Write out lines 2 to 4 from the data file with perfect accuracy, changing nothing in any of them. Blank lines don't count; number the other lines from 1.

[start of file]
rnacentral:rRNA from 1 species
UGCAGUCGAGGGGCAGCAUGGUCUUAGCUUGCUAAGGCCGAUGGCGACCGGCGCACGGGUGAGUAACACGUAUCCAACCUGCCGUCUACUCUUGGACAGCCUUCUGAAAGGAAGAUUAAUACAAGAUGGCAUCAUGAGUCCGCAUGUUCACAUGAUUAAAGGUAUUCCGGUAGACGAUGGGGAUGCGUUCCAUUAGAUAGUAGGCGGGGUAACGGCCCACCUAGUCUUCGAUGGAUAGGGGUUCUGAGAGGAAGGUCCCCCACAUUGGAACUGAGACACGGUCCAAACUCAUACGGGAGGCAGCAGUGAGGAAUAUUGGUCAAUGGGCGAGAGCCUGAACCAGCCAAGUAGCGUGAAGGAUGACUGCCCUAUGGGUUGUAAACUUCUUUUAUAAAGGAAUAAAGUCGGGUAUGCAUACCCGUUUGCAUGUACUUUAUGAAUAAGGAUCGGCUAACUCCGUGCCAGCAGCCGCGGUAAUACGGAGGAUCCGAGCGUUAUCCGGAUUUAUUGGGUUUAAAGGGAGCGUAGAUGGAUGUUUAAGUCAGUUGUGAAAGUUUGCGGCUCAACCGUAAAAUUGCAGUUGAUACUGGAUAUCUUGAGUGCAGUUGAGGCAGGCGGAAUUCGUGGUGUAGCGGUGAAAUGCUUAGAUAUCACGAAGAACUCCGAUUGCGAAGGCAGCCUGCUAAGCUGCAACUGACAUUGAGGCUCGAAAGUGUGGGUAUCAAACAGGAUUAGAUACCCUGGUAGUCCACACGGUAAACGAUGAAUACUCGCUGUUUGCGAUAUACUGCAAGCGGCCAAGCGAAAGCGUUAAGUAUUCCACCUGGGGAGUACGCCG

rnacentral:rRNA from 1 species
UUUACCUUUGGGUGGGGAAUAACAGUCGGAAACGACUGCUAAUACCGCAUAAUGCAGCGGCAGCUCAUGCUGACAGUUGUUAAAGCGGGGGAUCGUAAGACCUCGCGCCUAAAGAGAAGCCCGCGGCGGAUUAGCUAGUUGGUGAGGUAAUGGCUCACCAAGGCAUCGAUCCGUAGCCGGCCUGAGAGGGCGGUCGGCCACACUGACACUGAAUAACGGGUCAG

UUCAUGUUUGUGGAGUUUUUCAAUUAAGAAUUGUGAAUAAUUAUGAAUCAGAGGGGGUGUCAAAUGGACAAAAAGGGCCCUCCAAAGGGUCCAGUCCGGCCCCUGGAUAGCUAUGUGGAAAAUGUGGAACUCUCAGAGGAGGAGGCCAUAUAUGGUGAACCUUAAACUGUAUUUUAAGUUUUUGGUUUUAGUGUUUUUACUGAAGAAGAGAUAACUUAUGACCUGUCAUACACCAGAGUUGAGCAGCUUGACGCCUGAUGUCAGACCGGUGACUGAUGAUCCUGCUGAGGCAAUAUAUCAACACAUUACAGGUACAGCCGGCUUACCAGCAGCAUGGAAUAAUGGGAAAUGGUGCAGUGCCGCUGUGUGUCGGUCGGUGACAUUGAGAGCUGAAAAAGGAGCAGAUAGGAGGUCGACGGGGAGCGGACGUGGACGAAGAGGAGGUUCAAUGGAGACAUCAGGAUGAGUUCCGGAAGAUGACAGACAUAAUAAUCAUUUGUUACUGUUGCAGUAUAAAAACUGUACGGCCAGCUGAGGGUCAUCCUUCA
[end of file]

UGCAGUCGAGGGGCAGCAUGGUCUUAGCUUGCUAAGGCCGAUGGCGACCGGCGCACGGGUGAGUAACACGUAUCCAACCUGCCGUCUACUCUUGGACAGCCUUCUGAAAGGAAGAUUAAUACAAGAUGGCAUCAUGAGUCCGCAUGUUCACAUGAUUAAAGGUAUUCCGGUAGACGAUGGGGAUGCGUUCCAUUAGAUAGUAGGCGGGGUAACGGCCCACCUAGUCUUCGAUGGAUAGGGGUUCUGAGAGGAAGGUCCCCCACAUUGGAACUGAGACACGGUCCAAACUCAUACGGGAGGCAGCAGUGAGGAAUAUUGGUCAAUGGGCGAGAGCCUGAACCAGCCAAGUAGCGUGAAGGAUGACUGCCCUAUGGGUUGUAAACUUCUUUUAUAAAGGAAUAAAGUCGGGUAUGCAUACCCGUUUGCAUGUACUUUAUGAAUAAGGAUCGGCUAACUCCGUGCCAGCAGCCGCGGUAAUACGGAGGAUCCGAGCGUUAUCCGGAUUUAUUGGGUUUAAAGGGAGCGUAGAUGGAUGUUUAAGUCAGUUGUGAAAGUUUGCGGCUCAACCGUAAAAUUGCAGUUGAUACUGGAUAUCUUGAGUGCAGUUGAGGCAGGCGGAAUUCGUGGUGUAGCGGUGAAAUGCUUAGAUAUCACGAAGAACUCCGAUUGCGAAGGCAGCCUGCUAAGCUGCAACUGACAUUGAGGCUCGAAAGUGUGGGUAUCAAACAGGAUUAGAUACCCUGGUAGUCCACACGGUAAACGAUGAAUACUCGCUGUUUGCGAUAUACUGCAAGCGGCCAAGCGAAAGCGUUAAGUAUUCCACCUGGGGAGUACGCCG

rnacentral:rRNA from 1 species
UUUACCUUUGGGUGGGGAAUAACAGUCGGAAACGACUGCUAAUACCGCAUAAUGCAGCGGCAGCUCAUGCUGACAGUUGUUAAAGCGGGGGAUCGUAAGACCUCGCGCCUAAAGAGAAGCCCGCGGCGGAUUAGCUAGUUGGUGAGGUAAUGGCUCACCAAGGCAUCGAUCCGUAGCCGGCCUGAGAGGGCGGUCGGCCACACUGACACUGAAUAACGGGUCAG